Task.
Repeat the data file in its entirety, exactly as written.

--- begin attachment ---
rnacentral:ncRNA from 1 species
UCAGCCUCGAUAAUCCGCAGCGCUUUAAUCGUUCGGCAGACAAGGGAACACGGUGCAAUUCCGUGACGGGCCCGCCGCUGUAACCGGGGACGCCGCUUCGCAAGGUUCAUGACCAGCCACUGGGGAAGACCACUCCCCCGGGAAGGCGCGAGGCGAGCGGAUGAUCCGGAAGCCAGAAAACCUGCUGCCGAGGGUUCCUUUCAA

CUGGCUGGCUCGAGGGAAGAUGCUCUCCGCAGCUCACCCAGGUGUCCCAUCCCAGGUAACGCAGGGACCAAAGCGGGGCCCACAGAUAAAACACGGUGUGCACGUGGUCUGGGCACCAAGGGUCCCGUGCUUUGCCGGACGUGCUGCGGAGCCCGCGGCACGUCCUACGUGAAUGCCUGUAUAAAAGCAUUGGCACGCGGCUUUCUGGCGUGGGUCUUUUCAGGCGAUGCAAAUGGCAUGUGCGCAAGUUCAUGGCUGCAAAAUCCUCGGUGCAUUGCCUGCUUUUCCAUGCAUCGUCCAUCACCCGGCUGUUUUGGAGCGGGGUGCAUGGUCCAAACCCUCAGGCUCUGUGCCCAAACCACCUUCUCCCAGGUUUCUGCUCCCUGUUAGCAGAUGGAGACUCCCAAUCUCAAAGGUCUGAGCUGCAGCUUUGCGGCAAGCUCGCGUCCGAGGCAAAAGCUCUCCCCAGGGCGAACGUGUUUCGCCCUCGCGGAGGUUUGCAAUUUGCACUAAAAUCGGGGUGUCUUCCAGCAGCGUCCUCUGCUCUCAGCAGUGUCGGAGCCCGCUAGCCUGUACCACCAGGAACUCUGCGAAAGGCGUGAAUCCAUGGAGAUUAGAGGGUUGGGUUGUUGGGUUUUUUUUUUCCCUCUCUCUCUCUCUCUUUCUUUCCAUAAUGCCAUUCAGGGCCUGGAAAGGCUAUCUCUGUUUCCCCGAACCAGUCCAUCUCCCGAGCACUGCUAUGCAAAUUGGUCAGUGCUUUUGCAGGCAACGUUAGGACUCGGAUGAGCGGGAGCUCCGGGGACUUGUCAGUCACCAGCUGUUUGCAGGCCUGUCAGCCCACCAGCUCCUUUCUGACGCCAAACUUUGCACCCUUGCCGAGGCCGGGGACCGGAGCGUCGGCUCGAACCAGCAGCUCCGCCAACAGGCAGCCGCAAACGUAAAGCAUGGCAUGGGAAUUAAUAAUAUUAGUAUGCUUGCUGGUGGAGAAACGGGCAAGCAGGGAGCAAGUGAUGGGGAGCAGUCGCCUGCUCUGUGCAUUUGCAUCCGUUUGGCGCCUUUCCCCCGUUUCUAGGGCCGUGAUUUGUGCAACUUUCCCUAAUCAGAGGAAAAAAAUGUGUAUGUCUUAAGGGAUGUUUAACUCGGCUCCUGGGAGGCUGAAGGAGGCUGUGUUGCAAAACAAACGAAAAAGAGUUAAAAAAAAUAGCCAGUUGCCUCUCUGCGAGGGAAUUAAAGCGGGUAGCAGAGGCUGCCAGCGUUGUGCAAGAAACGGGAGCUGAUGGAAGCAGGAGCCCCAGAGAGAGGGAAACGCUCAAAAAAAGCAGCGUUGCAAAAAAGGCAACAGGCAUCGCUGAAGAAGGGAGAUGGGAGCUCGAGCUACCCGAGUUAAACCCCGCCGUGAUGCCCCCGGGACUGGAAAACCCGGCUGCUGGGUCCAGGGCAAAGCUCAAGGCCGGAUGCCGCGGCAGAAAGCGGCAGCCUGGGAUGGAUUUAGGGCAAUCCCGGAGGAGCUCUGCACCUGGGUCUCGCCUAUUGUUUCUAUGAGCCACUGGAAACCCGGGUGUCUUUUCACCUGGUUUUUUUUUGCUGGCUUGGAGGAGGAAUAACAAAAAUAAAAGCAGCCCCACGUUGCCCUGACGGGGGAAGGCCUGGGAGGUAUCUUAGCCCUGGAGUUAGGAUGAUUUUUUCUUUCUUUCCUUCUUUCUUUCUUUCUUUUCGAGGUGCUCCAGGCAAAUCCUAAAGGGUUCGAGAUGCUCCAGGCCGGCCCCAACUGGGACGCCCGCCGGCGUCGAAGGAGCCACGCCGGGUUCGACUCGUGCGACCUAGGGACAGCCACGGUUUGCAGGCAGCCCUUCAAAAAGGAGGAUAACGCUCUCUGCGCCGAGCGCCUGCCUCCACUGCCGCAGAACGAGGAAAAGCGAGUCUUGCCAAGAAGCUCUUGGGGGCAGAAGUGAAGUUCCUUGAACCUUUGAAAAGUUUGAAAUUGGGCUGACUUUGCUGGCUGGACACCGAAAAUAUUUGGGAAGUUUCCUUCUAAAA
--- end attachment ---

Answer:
rnacentral:ncRNA from 1 species
UCAGCCUCGAUAAUCCGCAGCGCUUUAAUCGUUCGGCAGACAAGGGAACACGGUGCAAUUCCGUGACGGGCCCGCCGCUGUAACCGGGGACGCCGCUUCGCAAGGUUCAUGACCAGCCACUGGGGAAGACCACUCCCCCGGGAAGGCGCGAGGCGAGCGGAUGAUCCGGAAGCCAGAAAACCUGCUGCCGAGGGUUCCUUUCAA

CUGGCUGGCUCGAGGGAAGAUGCUCUCCGCAGCUCACCCAGGUGUCCCAUCCCAGGUAACGCAGGGACCAAAGCGGGGCCCACAGAUAAAACACGGUGUGCACGUGGUCUGGGCACCAAGGGUCCCGUGCUUUGCCGGACGUGCUGCGGAGCCCGCGGCACGUCCUACGUGAAUGCCUGUAUAAAAGCAUUGGCACGCGGCUUUCUGGCGUGGGUCUUUUCAGGCGAUGCAAAUGGCAUGUGCGCAAGUUCAUGGCUGCAAAAUCCUCGGUGCAUUGCCUGCUUUUCCAUGCAUCGUCCAUCACCCGGCUGUUUUGGAGCGGGGUGCAUGGUCCAAACCCUCAGGCUCUGUGCCCAAACCACCUUCUCCCAGGUUUCUGCUCCCUGUUAGCAGAUGGAGACUCCCAAUCUCAAAGGUCUGAGCUGCAGCUUUGCGGCAAGCUCGCGUCCGAGGCAAAAGCUCUCCCCAGGGCGAACGUGUUUCGCCCUCGCGGAGGUUUGCAAUUUGCACUAAAAUCGGGGUGUCUUCCAGCAGCGUCCUCUGCUCUCAGCAGUGUCGGAGCCCGCUAGCCUGUACCACCAGGAACUCUGCGAAAGGCGUGAAUCCAUGGAGAUUAGAGGGUUGGGUUGUUGGGUUUUUUUUUUCCCUCUCUCUCUCUCUCUUUCUUUCCAUAAUGCCAUUCAGGGCCUGGAAAGGCUAUCUCUGUUUCCCCGAACCAGUCCAUCUCCCGAGCACUGCUAUGCAAAUUGGUCAGUGCUUUUGCAGGCAACGUUAGGACUCGGAUGAGCGGGAGCUCCGGGGACUUGUCAGUCACCAGCUGUUUGCAGGCCUGUCAGCCCACCAGCUCCUUUCUGACGCCAAACUUUGCACCCUUGCCGAGGCCGGGGACCGGAGCGUCGGCUCGAACCAGCAGCUCCGCCAACAGGCAGCCGCAAACGUAAAGCAUGGCAUGGGAAUUAAUAAUAUUAGUAUGCUUGCUGGUGGAGAAACGGGCAAGCAGGGAGCAAGUGAUGGGGAGCAGUCGCCUGCUCUGUGCAUUUGCAUCCGUUUGGCGCCUUUCCCCCGUUUCUAGGGCCGUGAUUUGUGCAACUUUCCCUAAUCAGAGGAAAAAAAUGUGUAUGUCUUAAGGGAUGUUUAACUCGGCUCCUGGGAGGCUGAAGGAGGCUGUGUUGCAAAACAAACGAAAAAGAGUUAAAAAAAAUAGCCAGUUGCCUCUCUGCGAGGGAAUUAAAGCGGGUAGCAGAGGCUGCCAGCGUUGUGCAAGAAACGGGAGCUGAUGGAAGCAGGAGCCCCAGAGAGAGGGAAACGCUCAAAAAAAGCAGCGUUGCAAAAAAGGCAACAGGCAUCGCUGAAGAAGGGAGAUGGGAGCUCGAGCUACCCGAGUUAAACCCCGCCGUGAUGCCCCCGGGACUGGAAAACCCGGCUGCUGGGUCCAGGGCAAAGCUCAAGGCCGGAUGCCGCGGCAGAAAGCGGCAGCCUGGGAUGGAUUUAGGGCAAUCCCGGAGGAGCUCUGCACCUGGGUCUCGCCUAUUGUUUCUAUGAGCCACUGGAAACCCGGGUGUCUUUUCACCUGGUUUUUUUUUGCUGGCUUGGAGGAGGAAUAACAAAAAUAAAAGCAGCCCCACGUUGCCCUGACGGGGGAAGGCCUGGGAGGUAUCUUAGCCCUGGAGUUAGGAUGAUUUUUUCUUUCUUUCCUUCUUUCUUUCUUUCUUUUCGAGGUGCUCCAGGCAAAUCCUAAAGGGUUCGAGAUGCUCCAGGCCGGCCCCAACUGGGACGCCCGCCGGCGUCGAAGGAGCCACGCCGGGUUCGACUCGUGCGACCUAGGGACAGCCACGGUUUGCAGGCAGCCCUUCAAAAAGGAGGAUAACGCUCUCUGCGCCGAGCGCCUGCCUCCACUGCCGCAGAACGAGGAAAAGCGAGUCUUGCCAAGAAGCUCUUGGGGGCAGAAGUGAAGUUCCUUGAACCUUUGAAAAGUUUGAAAUUGGGCUGACUUUGCUGGCUGGACACCGAAAAUAUUUGGGAAGUUUCCUUCUAAAA